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FOR IMMEDIATE RELEASE
January 7, 2013 

DEPUTY MAYOR GIBBS ANNOUNCES CITYDOCTORS MEDICAL SCHOOL SCHOLARSHIPS AWARDS $2.4 MILLION TO 20 NEW YORK CITY STUDENTS

HHC Receives Commitment for Primary Care Work
from St. George's University School of Medicine Scholarship Recipients

Deputy Mayor for Health and Human Services Linda I. Gibbs and Health and Hospitals Corporation President Al Aviles today announced that 20 New York City students will receive scholarships totaling $2.4 million to attend St. George’s University School of Medicine under the first year of the CityDoctors scholarship program. In return, the students have committed to give back to their communities by practicing primary care medicine at a New York City Health and Hospitals Corporation (HHC) hospital after receiving their medical degrees.

The scholarship recipients have been selected based on their academic excellence and financial need and will receive either partial or full scholarships to pay for medical school tuition for periods of up to four years, with some scholarships valued at over $200,000 each. The CityDoctors scholarship program, which was launched by Deputy Mayor Gibbs, HHC President Alan D. Aviles, and SGU Chancellor Dr. Charles Modica in April 2012, will provide more than $11 million in scholarships to New York City residents over five years. The program will help address the national shortage of primary care physicians and also increase opportunity for city youth by making a medical degree and primary care career more accessible for talented young men and women with limited financial resources.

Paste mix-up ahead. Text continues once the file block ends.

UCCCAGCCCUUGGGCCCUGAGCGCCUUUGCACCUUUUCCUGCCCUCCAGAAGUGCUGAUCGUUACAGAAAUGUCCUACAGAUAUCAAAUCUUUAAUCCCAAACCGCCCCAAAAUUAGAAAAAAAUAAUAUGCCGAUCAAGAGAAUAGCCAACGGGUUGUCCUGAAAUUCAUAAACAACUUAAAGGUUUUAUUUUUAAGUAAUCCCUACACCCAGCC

“New York City’s public hospitals and clinics serve over one million New Yorkers each year and are critical providers of culturally competent, patient-centered primary care,” said Deputy Mayor Gibbs. “CityDoctors is drawing some of the best and brightest medical providers to our system, addressing a pending shortfall of talent and ensuring that the patients who rely on us will have dedicated providers for decades to come.”

“Medical schools today are simply not producing enough primary care physicians to meet society’s needs in the future,” said HHC President Alan D. Aviles. “The CityDoctors scholarships help HHC bring quality primary care to New York City residents while also providing an opportunity for medical students with roots in the community to give back.”

“St. George’s has long been dedicated to meeting the need for primary care physicians and we’re proud that our partnership with HHC is helping to meet a growing demand,” said St. George’s University Chancellor Charles Modica. “Our students are uniquely qualified to meet the needs of a diverse population and the skills they acquire throughout their training allows them to return home and give back to their community.”